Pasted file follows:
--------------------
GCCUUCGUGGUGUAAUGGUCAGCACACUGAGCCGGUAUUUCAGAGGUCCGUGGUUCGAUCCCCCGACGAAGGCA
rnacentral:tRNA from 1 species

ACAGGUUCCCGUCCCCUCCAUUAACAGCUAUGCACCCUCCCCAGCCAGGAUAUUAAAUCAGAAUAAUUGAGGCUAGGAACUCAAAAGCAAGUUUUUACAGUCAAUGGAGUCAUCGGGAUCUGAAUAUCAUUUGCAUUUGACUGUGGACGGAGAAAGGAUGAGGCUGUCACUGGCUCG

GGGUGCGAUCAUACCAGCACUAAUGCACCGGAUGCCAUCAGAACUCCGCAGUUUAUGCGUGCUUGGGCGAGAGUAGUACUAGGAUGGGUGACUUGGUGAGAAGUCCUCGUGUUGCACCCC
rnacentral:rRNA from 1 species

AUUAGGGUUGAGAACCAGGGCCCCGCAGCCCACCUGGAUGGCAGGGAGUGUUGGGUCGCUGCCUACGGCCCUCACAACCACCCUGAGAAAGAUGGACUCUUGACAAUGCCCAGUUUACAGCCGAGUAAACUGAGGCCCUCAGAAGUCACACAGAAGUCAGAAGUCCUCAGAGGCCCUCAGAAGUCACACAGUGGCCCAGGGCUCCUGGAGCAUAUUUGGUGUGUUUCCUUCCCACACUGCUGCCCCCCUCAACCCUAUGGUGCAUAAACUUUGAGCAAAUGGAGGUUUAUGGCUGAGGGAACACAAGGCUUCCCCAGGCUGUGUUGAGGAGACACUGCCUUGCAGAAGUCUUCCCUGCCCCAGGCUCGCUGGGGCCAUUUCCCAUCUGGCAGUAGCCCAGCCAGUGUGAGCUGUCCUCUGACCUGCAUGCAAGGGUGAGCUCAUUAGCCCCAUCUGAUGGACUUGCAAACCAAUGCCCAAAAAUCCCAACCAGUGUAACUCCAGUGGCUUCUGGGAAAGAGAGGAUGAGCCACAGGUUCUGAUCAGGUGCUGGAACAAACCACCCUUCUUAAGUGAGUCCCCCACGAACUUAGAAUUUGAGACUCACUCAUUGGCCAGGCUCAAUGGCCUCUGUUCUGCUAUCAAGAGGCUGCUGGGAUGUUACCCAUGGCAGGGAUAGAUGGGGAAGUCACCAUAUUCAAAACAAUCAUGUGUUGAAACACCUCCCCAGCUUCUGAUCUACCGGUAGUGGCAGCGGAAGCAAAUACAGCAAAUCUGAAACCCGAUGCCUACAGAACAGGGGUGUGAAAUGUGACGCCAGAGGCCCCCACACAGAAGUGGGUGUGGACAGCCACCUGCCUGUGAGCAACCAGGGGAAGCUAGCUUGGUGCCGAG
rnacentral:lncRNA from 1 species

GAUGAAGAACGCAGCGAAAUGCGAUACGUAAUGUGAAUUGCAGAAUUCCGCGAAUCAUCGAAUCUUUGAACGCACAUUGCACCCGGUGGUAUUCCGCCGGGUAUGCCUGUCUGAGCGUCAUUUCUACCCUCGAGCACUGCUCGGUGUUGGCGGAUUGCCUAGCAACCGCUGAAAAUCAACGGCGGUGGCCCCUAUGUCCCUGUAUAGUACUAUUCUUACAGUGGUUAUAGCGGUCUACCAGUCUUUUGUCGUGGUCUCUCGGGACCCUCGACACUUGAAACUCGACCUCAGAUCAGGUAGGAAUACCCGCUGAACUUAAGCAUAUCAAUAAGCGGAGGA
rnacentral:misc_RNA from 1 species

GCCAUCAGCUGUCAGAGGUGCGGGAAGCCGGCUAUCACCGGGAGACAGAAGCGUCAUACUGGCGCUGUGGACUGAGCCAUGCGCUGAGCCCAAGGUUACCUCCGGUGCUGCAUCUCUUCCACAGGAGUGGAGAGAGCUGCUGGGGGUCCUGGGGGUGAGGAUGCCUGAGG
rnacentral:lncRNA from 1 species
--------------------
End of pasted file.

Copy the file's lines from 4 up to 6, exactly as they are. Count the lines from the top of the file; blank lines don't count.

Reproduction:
GGGUGCGAUCAUACCAGCACUAAUGCACCGGAUGCCAUCAGAACUCCGCAGUUUAUGCGUGCUUGGGCGAGAGUAGUACUAGGAUGGGUGACUUGGUGAGAAGUCCUCGUGUUGCACCCC
rnacentral:rRNA from 1 species

AUUAGGGUUGAGAACCAGGGCCCCGCAGCCCACCUGGAUGGCAGGGAGUGUUGGGUCGCUGCCUACGGCCCUCACAACCACCCUGAGAAAGAUGGACUCUUGACAAUGCCCAGUUUACAGCCGAGUAAACUGAGGCCCUCAGAAGUCACACAGAAGUCAGAAGUCCUCAGAGGCCCUCAGAAGUCACACAGUGGCCCAGGGCUCCUGGAGCAUAUUUGGUGUGUUUCCUUCCCACACUGCUGCCCCCCUCAACCCUAUGGUGCAUAAACUUUGAGCAAAUGGAGGUUUAUGGCUGAGGGAACACAAGGCUUCCCCAGGCUGUGUUGAGGAGACACUGCCUUGCAGAAGUCUUCCCUGCCCCAGGCUCGCUGGGGCCAUUUCCCAUCUGGCAGUAGCCCAGCCAGUGUGAGCUGUCCUCUGACCUGCAUGCAAGGGUGAGCUCAUUAGCCCCAUCUGAUGGACUUGCAAACCAAUGCCCAAAAAUCCCAACCAGUGUAACUCCAGUGGCUUCUGGGAAAGAGAGGAUGAGCCACAGGUUCUGAUCAGGUGCUGGAACAAACCACCCUUCUUAAGUGAGUCCCCCACGAACUUAGAAUUUGAGACUCACUCAUUGGCCAGGCUCAAUGGCCUCUGUUCUGCUAUCAAGAGGCUGCUGGGAUGUUACCCAUGGCAGGGAUAGAUGGGGAAGUCACCAUAUUCAAAACAAUCAUGUGUUGAAACACCUCCCCAGCUUCUGAUCUACCGGUAGUGGCAGCGGAAGCAAAUACAGCAAAUCUGAAACCCGAUGCCUACAGAACAGGGGUGUGAAAUGUGACGCCAGAGGCCCCCACACAGAAGUGGGUGUGGACAGCCACCUGCCUGUGAGCAACCAGGGGAAGCUAGCUUGGUGCCGAG